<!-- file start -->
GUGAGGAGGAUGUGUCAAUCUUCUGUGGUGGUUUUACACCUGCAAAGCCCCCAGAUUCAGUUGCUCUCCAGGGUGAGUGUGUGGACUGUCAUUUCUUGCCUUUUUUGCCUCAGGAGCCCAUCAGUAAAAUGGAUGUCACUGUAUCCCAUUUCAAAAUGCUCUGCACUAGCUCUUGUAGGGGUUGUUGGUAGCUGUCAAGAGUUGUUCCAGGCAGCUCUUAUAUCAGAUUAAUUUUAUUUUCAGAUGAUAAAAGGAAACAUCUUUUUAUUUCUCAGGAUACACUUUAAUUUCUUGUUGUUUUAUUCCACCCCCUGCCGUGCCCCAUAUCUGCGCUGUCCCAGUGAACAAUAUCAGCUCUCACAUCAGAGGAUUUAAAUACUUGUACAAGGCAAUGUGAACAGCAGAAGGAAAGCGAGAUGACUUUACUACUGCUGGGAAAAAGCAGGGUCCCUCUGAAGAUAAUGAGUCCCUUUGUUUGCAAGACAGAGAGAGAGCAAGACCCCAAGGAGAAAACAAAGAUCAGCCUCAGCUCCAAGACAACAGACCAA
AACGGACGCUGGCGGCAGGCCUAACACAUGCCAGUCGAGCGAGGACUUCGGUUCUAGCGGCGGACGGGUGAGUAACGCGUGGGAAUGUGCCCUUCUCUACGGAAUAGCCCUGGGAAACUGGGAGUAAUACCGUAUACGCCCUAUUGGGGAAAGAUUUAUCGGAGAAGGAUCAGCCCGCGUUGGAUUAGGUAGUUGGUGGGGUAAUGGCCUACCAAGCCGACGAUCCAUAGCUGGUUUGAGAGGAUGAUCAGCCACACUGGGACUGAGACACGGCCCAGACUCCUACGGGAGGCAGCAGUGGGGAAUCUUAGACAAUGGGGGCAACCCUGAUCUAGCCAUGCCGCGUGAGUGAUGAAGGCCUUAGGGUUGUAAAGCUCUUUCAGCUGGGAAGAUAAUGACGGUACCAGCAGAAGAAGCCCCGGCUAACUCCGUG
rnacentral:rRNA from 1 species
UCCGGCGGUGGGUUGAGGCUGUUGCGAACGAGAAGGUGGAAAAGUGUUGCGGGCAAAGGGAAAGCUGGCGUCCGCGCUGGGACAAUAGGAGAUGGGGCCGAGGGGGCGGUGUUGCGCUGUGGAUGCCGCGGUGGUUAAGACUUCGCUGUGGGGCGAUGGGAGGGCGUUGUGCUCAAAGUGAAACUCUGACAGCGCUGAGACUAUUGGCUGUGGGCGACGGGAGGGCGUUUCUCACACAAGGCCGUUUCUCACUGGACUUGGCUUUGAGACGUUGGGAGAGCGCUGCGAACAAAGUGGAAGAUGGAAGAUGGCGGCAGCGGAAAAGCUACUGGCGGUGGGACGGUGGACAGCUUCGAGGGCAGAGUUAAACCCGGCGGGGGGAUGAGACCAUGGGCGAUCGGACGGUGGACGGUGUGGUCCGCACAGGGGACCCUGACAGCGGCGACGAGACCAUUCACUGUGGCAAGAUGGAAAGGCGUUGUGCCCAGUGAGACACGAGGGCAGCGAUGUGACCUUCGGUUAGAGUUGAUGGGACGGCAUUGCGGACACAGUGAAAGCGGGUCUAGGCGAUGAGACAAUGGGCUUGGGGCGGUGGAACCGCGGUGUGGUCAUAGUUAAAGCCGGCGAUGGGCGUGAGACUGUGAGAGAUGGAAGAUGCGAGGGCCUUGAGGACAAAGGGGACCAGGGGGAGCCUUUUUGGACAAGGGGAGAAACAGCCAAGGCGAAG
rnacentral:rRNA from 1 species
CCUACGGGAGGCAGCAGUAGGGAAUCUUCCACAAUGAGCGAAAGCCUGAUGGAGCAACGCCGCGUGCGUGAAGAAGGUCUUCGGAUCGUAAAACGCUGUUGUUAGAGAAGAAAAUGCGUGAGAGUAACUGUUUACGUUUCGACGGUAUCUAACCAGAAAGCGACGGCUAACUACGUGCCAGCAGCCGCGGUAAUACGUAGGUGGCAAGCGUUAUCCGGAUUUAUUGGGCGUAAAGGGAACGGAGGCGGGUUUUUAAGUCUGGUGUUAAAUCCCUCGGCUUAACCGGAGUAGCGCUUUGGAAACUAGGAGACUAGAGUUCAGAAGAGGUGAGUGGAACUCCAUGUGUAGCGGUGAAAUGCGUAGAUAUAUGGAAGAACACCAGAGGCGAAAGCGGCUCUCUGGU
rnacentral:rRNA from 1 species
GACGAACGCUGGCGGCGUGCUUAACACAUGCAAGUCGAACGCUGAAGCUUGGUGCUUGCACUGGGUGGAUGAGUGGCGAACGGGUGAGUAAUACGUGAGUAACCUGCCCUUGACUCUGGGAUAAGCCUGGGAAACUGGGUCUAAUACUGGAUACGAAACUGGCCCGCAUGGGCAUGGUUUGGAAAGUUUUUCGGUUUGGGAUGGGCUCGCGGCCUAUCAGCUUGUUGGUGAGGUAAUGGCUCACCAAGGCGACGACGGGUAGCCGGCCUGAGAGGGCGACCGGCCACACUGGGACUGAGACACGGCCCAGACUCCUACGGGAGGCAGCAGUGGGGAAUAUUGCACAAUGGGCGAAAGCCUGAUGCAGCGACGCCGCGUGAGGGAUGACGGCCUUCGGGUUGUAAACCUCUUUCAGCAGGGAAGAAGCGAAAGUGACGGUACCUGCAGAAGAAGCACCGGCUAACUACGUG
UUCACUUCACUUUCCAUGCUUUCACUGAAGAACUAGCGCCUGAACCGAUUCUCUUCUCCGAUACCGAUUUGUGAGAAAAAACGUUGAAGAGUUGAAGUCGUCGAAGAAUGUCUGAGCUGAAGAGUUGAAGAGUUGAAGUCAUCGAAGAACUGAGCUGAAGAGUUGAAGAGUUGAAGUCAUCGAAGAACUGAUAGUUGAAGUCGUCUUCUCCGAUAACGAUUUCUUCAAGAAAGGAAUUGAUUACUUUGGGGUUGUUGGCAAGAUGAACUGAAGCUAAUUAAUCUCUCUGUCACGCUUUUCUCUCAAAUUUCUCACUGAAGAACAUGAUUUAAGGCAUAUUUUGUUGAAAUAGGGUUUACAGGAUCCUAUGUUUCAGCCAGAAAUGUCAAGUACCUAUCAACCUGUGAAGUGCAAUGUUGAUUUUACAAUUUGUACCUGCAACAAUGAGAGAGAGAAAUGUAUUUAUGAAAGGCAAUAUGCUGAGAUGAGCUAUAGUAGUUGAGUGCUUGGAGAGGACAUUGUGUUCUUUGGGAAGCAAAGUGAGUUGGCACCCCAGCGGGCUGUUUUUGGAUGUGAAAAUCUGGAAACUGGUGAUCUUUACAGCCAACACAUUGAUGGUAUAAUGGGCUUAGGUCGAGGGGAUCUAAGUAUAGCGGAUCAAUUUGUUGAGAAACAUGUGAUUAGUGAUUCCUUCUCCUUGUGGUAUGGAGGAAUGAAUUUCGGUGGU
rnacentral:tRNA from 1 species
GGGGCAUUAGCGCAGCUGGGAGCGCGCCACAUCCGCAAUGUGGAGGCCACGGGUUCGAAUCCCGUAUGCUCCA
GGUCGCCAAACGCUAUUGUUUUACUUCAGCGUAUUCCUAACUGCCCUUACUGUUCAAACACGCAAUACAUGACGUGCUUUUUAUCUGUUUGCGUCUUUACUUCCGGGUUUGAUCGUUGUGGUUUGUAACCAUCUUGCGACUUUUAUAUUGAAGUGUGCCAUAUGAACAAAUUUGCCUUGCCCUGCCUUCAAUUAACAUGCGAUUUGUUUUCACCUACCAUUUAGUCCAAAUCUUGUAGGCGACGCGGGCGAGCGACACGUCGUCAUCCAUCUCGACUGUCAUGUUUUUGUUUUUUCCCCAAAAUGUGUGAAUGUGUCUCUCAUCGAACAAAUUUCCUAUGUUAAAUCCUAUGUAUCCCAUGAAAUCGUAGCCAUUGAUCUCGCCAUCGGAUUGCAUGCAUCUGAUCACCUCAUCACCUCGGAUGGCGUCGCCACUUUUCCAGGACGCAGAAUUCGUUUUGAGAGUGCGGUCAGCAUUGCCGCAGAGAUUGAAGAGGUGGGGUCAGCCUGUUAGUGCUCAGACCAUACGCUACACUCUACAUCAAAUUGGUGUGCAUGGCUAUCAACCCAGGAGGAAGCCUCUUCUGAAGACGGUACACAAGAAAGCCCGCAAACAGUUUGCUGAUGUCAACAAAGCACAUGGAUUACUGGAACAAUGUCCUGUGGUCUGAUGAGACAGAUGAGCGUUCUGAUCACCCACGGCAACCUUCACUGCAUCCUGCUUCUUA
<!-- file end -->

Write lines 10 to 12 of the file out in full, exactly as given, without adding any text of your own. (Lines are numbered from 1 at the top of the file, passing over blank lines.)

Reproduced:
rnacentral:tRNA from 1 species
GGGGCAUUAGCGCAGCUGGGAGCGCGCCACAUCCGCAAUGUGGAGGCCACGGGUUCGAAUCCCGUAUGCUCCA
GGUCGCCAAACGCUAUUGUUUUACUUCAGCGUAUUCCUAACUGCCCUUACUGUUCAAACACGCAAUACAUGACGUGCUUUUUAUCUGUUUGCGUCUUUACUUCCGGGUUUGAUCGUUGUGGUUUGUAACCAUCUUGCGACUUUUAUAUUGAAGUGUGCCAUAUGAACAAAUUUGCCUUGCCCUGCCUUCAAUUAACAUGCGAUUUGUUUUCACCUACCAUUUAGUCCAAAUCUUGUAGGCGACGCGGGCGAGCGACACGUCGUCAUCCAUCUCGACUGUCAUGUUUUUGUUUUUUCCCCAAAAUGUGUGAAUGUGUCUCUCAUCGAACAAAUUUCCUAUGUUAAAUCCUAUGUAUCCCAUGAAAUCGUAGCCAUUGAUCUCGCCAUCGGAUUGCAUGCAUCUGAUCACCUCAUCACCUCGGAUGGCGUCGCCACUUUUCCAGGACGCAGAAUUCGUUUUGAGAGUGCGGUCAGCAUUGCCGCAGAGAUUGAAGAGGUGGGGUCAGCCUGUUAGUGCUCAGACCAUACGCUACACUCUACAUCAAAUUGGUGUGCAUGGCUAUCAACCCAGGAGGAAGCCUCUUCUGAAGACGGUACACAAGAAAGCCCGCAAACAGUUUGCUGAUGUCAACAAAGCACAUGGAUUACUGGAACAAUGUCCUGUGGUCUGAUGAGACAGAUGAGCGUUCUGAUCACCCACGGCAACCUUCACUGCAUCCUGCUUCUUA